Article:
Any of these would have changed history. I obstructed, ridiculed, and proselytised, waiting for a change to history; that was my game, one I never thought I would win in my time, but one for my own reasons, I felt impelled to engage in. (In respect to the reference to Brian Donnelly, I agitated for that through the magazine, a protest on the steps of parliament, addressing meetings, printing bumper stickers, running a petition, but Brian Donnelly capitulated and guess who was on the committee? Hekia Parata’s sister, and Margaret Austin for Labour, amongst other neoliberal education devotees.)

My resistance was not because I thought I would win, but because what I was resisting was wrong. And, at the risk of self-indulgence, there is that universal yearning for your life to mean something, I always proceeded in the belief that in the fight for right we are not alone, we are with all those people in the past who have fought for right, in particular the multitudes of lesser people, lesser people like me, whose example we don’t know, long forgotten if ever remembered, but who endure as a general cultural memory.

The foundation for my resistance was curriculum knowledge (largely gained by observing and listening to you), informed by a willingness to imagine. It has been both an elevating experience and disturbing. To know what is going to happen and not being able to decisively change events is sometimes knowledge you would rather be without.

In 1999, I spoke to a group of principals. My main message was that given the morally and ethically complex times ahead, principals, in doing what they had to do, needed to do that, but on the understanding that they retained, as part of their thinking, the idea that much of what they had to do was not in the best interests of children. They needed to make that distinction for their own integrity, and to be able to challenge that which was not in the best interests of children when opportunities arose.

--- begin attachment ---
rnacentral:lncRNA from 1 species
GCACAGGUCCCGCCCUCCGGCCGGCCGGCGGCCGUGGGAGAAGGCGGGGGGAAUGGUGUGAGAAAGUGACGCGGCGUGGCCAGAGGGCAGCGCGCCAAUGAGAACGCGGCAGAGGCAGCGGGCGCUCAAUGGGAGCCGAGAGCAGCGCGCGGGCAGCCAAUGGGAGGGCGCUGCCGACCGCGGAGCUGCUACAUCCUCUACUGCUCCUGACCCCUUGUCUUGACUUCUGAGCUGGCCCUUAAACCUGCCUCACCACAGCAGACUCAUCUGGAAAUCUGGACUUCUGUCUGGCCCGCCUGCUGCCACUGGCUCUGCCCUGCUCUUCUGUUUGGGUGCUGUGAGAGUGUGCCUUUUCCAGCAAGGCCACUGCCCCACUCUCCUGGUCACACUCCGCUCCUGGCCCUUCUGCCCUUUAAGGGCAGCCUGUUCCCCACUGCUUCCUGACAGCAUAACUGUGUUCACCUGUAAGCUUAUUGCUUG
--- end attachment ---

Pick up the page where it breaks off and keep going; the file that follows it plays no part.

That was the message of resistance I delivered to principals but increasingly their eyes showed incomprehension or dismissal (more the former); reactions seeming to be in pace with principals moving from the holistic curriculum to the national standards one. I could gauge the movement away from the holistic from the decline in interest in my courses for setting up holistic classrooms. One of the intriguing characteristics about schools is that amongst the much revered school values, independence is often omitted, and courage nearly always. Many principals know what they are doing is not in the best interests of the children but from my observation become determinedly non-imagining, allowing themselves to operate at the practical level and in the short term. The pressure from the education review office and the ministry based on fear is intense, and like all autocratic organisations sought more than conformity and loyalty, they sought love – and in all kinds of subtle ways principals found ways to communicate that.